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Recommendation Engines

What Are Recommendation Engines and How Do They Work in Layman’s Terms?


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The journey began on Twitter, or X, as it is now called. You saw an interesting tweet and after what may have been a few kilometers of scrolling, you serendipitously—or so you think—stumbled upon a YouTube link. This led to a few hours of uninterrupted immersion in a stream of videos. Hours later, you regained your sense of self and emerged from the rabbit hole you had fallen into. You felt a slight guilt but you quickly brushed that aside; as compensation, you have an assortment of esoteric knowledge that none of your peers know. 

What is described is recommendation engines or algorithms casting their spell on you. Falling into a rabbit hole is just one of the traps of recommendation systems. Filter bubbles, social media addiction, radicalization, and manipulation are some other notorious pitfalls. Modern recommender systems are so good that they are bad—for the end-user, that is.

What is a recommendation engine and why does it have such a stranglehold over us? Curious? Let us find out. Don’t worry, there are no rabbit holes here.

Recommendation engines: simply explained

A recommendation or recommender engine—also known by various other names such as recommendation or recommender system, algorithm, or platform—is an information filtering system that serves users with the most relevant content. It is a subset of machine learning and makes predictions about what to suggest to users using data. 

The data may be about the user (search history, clicks, views, age, location, etc.), other users with similar characteristics, or/and the items. A recommendation engine uses these disparate data sets to provide recommendations; the most significant of them being the user’s data. Thus, generally, the more detailed and accurate the user’s data, the better the system’s prediction. And this rests largely on data collection. Consequently, the more you interact with the system, the better its recommendation.

Besides the data—users’ and items’—which constitute two of three components of a recommendation system, a third component, the filtering techniques, is used to filter items and make suggestions that align with the user’s interests.

Recommendation system: a general architecture | Source

A recommendation engine typically consists of two sets and a utility function. User data go into the user set and all items that can be recommended along with their associated data are contained in the item set. The utility function assesses the likelihood of an item matching the preference of a user and makes the recommendation.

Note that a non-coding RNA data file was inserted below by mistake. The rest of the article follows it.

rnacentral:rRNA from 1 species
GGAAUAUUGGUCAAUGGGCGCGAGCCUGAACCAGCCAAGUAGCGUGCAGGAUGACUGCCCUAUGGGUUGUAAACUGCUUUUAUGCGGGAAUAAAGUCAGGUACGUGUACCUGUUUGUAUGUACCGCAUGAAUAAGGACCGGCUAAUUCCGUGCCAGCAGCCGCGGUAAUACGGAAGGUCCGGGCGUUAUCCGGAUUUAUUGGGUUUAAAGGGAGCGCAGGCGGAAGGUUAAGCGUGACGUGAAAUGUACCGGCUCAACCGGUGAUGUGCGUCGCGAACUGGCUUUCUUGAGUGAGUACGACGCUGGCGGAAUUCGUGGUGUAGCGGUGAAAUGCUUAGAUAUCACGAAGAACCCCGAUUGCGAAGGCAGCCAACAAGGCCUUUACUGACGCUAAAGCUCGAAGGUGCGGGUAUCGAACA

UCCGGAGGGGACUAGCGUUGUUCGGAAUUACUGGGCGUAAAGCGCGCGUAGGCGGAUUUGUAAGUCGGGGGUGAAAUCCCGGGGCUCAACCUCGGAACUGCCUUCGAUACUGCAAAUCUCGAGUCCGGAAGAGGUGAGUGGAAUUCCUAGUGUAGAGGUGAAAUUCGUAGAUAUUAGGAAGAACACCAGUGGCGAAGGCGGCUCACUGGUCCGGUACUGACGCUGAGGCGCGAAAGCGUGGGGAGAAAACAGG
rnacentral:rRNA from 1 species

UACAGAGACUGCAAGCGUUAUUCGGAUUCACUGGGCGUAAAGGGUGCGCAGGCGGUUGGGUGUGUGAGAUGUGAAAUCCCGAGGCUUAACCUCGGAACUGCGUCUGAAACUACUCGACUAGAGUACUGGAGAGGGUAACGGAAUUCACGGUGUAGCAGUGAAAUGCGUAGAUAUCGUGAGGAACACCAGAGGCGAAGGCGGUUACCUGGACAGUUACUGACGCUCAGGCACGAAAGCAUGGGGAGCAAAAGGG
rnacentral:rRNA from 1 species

This is the basis of the recommendation method called matrix factorization, in which the user-item interactions are represented in a matrix. This method has however been largely superseded by deep learning. There has occurred a paradigmatic shift in recommendation systems as a result.

Shown in the image below is the structure of a recommendation engine comprising two neural networks: candidate generation and ranking. These two networks work in concert to provide the most relevant content, by using data from the user’s activity and history as input. A score is then assigned to the item using a number of features that describe the item and the user. This score is then used to make recommendations: items are presented to the user based on the score, starting with the highest.

An example of a recommendation engine with two neural networks | Source

Types of recommendation engines

Most recommendation engines use one of two approaches or techniques to filter items or content and suggest the most relevant: content-based filtering, collaborative filtering, or a hybrid of the two.

  • Content-based filtering

In the content-based approach, recommendations are made based on the features of an item or its content, the behavior of the user, and the preferences exhibited in the past. The basic principle of content-based filtering is, if you like a certain item, then you also like similar items. The problem, or rather the objective, here is thus to search and select items most similar to what the target user prefers.

An illustration of content-based filtration method | Source

To precisely or approximately gauge the likelihood, items are assigned attributes—such as color, taste, and brand—that are used to compare other items. The attributes are given weights which are used to determine the priority of appearance in a recommendation system.

For this technique to work well, thorough and accurate annotation of data sets is requisite. This is a daunting task that may be approached expediently by getting a suitable data annotation service from a third party.

  • Collaborative filtering

This technique uses data generated by users to compare and identify their preferences. The assumed premise in this approach is: if users similar to you like an item, then you’ll also like it, too.

A simple representation of collaborative filtering technique | Source

Unlike content-based filtering, collaborative filtering doesn’t rely on product features but on users’ profiles. Similarities between items are based on which users like them. This entails that a collaborative filtering system works well without understanding the items. But it is not without ills.